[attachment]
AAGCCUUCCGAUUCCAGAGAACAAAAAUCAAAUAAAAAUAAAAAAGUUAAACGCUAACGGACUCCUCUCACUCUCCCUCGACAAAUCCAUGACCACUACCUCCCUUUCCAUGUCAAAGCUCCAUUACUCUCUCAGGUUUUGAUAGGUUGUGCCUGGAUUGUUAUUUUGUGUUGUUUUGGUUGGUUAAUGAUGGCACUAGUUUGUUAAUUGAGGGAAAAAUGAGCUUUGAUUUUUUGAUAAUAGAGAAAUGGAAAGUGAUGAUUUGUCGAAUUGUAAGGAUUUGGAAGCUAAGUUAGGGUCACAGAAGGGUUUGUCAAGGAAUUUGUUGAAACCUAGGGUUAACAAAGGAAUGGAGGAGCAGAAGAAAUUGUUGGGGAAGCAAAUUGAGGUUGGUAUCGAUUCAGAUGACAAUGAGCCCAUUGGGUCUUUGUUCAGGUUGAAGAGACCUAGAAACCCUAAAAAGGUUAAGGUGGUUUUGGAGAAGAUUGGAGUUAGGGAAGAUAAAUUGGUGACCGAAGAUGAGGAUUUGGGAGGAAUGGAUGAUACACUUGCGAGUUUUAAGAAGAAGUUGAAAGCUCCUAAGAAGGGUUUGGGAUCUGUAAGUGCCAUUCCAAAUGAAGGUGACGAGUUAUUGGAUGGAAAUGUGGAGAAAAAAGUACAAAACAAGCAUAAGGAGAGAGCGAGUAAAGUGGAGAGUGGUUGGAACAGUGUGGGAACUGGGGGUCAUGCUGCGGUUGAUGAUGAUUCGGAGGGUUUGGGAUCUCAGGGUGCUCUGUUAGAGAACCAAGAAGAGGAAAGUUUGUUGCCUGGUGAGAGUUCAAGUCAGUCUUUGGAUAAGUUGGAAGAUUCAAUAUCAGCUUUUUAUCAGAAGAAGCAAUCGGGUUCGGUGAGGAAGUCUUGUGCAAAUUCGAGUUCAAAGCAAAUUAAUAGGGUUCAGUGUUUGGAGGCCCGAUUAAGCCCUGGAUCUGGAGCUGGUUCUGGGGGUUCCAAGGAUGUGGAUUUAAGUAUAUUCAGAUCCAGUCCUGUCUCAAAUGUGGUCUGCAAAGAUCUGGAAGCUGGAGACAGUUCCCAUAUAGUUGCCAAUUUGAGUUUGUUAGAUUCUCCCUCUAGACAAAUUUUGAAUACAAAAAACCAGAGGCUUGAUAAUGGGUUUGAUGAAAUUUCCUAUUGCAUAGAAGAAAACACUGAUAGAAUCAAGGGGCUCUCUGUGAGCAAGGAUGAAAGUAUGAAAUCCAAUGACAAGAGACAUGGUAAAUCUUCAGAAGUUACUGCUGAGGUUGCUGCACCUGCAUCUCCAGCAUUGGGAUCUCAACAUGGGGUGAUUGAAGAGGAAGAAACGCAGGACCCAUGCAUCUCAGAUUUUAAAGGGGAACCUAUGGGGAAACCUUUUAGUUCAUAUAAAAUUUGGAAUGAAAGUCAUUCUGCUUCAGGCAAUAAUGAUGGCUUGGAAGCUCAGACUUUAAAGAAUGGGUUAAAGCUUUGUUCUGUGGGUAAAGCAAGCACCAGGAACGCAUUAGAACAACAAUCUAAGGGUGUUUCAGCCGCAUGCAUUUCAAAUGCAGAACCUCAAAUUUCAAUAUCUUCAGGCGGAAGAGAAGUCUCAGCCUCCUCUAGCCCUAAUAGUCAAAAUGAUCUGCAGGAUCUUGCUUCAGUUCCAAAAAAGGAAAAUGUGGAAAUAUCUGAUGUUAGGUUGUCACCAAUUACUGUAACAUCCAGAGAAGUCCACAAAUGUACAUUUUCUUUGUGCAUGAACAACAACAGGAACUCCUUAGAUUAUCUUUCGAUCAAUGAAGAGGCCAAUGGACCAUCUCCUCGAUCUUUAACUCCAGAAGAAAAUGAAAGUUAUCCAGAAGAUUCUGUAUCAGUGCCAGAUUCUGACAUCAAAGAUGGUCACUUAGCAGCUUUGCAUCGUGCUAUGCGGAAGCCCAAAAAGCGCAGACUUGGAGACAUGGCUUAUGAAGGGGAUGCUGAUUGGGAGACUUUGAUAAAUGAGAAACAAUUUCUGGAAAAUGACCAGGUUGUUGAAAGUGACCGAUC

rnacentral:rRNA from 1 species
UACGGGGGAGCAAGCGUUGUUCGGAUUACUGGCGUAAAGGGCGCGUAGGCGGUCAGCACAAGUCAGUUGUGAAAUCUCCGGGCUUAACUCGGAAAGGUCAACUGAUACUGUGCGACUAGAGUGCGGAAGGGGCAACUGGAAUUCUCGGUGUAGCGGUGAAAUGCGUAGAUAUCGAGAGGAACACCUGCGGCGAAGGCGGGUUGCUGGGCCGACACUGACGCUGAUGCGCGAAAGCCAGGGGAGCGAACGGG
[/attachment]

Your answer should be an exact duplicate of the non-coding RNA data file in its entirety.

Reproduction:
AAGCCUUCCGAUUCCAGAGAACAAAAAUCAAAUAAAAAUAAAAAAGUUAAACGCUAACGGACUCCUCUCACUCUCCCUCGACAAAUCCAUGACCACUACCUCCCUUUCCAUGUCAAAGCUCCAUUACUCUCUCAGGUUUUGAUAGGUUGUGCCUGGAUUGUUAUUUUGUGUUGUUUUGGUUGGUUAAUGAUGGCACUAGUUUGUUAAUUGAGGGAAAAAUGAGCUUUGAUUUUUUGAUAAUAGAGAAAUGGAAAGUGAUGAUUUGUCGAAUUGUAAGGAUUUGGAAGCUAAGUUAGGGUCACAGAAGGGUUUGUCAAGGAAUUUGUUGAAACCUAGGGUUAACAAAGGAAUGGAGGAGCAGAAGAAAUUGUUGGGGAAGCAAAUUGAGGUUGGUAUCGAUUCAGAUGACAAUGAGCCCAUUGGGUCUUUGUUCAGGUUGAAGAGACCUAGAAACCCUAAAAAGGUUAAGGUGGUUUUGGAGAAGAUUGGAGUUAGGGAAGAUAAAUUGGUGACCGAAGAUGAGGAUUUGGGAGGAAUGGAUGAUACACUUGCGAGUUUUAAGAAGAAGUUGAAAGCUCCUAAGAAGGGUUUGGGAUCUGUAAGUGCCAUUCCAAAUGAAGGUGACGAGUUAUUGGAUGGAAAUGUGGAGAAAAAAGUACAAAACAAGCAUAAGGAGAGAGCGAGUAAAGUGGAGAGUGGUUGGAACAGUGUGGGAACUGGGGGUCAUGCUGCGGUUGAUGAUGAUUCGGAGGGUUUGGGAUCUCAGGGUGCUCUGUUAGAGAACCAAGAAGAGGAAAGUUUGUUGCCUGGUGAGAGUUCAAGUCAGUCUUUGGAUAAGUUGGAAGAUUCAAUAUCAGCUUUUUAUCAGAAGAAGCAAUCGGGUUCGGUGAGGAAGUCUUGUGCAAAUUCGAGUUCAAAGCAAAUUAAUAGGGUUCAGUGUUUGGAGGCCCGAUUAAGCCCUGGAUCUGGAGCUGGUUCUGGGGGUUCCAAGGAUGUGGAUUUAAGUAUAUUCAGAUCCAGUCCUGUCUCAAAUGUGGUCUGCAAAGAUCUGGAAGCUGGAGACAGUUCCCAUAUAGUUGCCAAUUUGAGUUUGUUAGAUUCUCCCUCUAGACAAAUUUUGAAUACAAAAAACCAGAGGCUUGAUAAUGGGUUUGAUGAAAUUUCCUAUUGCAUAGAAGAAAACACUGAUAGAAUCAAGGGGCUCUCUGUGAGCAAGGAUGAAAGUAUGAAAUCCAAUGACAAGAGACAUGGUAAAUCUUCAGAAGUUACUGCUGAGGUUGCUGCACCUGCAUCUCCAGCAUUGGGAUCUCAACAUGGGGUGAUUGAAGAGGAAGAAACGCAGGACCCAUGCAUCUCAGAUUUUAAAGGGGAACCUAUGGGGAAACCUUUUAGUUCAUAUAAAAUUUGGAAUGAAAGUCAUUCUGCUUCAGGCAAUAAUGAUGGCUUGGAAGCUCAGACUUUAAAGAAUGGGUUAAAGCUUUGUUCUGUGGGUAAAGCAAGCACCAGGAACGCAUUAGAACAACAAUCUAAGGGUGUUUCAGCCGCAUGCAUUUCAAAUGCAGAACCUCAAAUUUCAAUAUCUUCAGGCGGAAGAGAAGUCUCAGCCUCCUCUAGCCCUAAUAGUCAAAAUGAUCUGCAGGAUCUUGCUUCAGUUCCAAAAAAGGAAAAUGUGGAAAUAUCUGAUGUUAGGUUGUCACCAAUUACUGUAACAUCCAGAGAAGUCCACAAAUGUACAUUUUCUUUGUGCAUGAACAACAACAGGAACUCCUUAGAUUAUCUUUCGAUCAAUGAAGAGGCCAAUGGACCAUCUCCUCGAUCUUUAACUCCAGAAGAAAAUGAAAGUUAUCCAGAAGAUUCUGUAUCAGUGCCAGAUUCUGACAUCAAAGAUGGUCACUUAGCAGCUUUGCAUCGUGCUAUGCGGAAGCCCAAAAAGCGCAGACUUGGAGACAUGGCUUAUGAAGGGGAUGCUGAUUGGGAGACUUUGAUAAAUGAGAAACAAUUUCUGGAAAAUGACCAGGUUGUUGAAAGUGACCGAUC

rnacentral:rRNA from 1 species
UACGGGGGAGCAAGCGUUGUUCGGAUUACUGGCGUAAAGGGCGCGUAGGCGGUCAGCACAAGUCAGUUGUGAAAUCUCCGGGCUUAACUCGGAAAGGUCAACUGAUACUGUGCGACUAGAGUGCGGAAGGGGCAACUGGAAUUCUCGGUGUAGCGGUGAAAUGCGUAGAUAUCGAGAGGAACACCUGCGGCGAAGGCGGGUUGCUGGGCCGACACUGACGCUGAUGCGCGAAAGCCAGGGGAGCGAACGGG